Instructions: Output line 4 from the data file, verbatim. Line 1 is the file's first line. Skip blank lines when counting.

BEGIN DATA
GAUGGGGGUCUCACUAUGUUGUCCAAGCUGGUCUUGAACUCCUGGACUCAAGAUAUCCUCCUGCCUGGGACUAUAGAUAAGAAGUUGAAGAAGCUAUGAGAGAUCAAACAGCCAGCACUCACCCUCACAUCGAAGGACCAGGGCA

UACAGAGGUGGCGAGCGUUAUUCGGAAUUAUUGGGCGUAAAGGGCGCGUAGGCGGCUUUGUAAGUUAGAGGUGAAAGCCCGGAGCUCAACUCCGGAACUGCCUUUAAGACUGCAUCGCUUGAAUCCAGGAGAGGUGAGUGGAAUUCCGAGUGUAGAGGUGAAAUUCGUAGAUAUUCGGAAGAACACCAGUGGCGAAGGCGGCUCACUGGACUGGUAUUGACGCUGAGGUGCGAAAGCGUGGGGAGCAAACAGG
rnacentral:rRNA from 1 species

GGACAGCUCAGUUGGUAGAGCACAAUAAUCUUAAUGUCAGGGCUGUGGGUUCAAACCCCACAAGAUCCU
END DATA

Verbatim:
GGACAGCUCAGUUGGUAGAGCACAAUAAUCUUAAUGUCAGGGCUGUGGGUUCAAACCCCACAAGAUCCU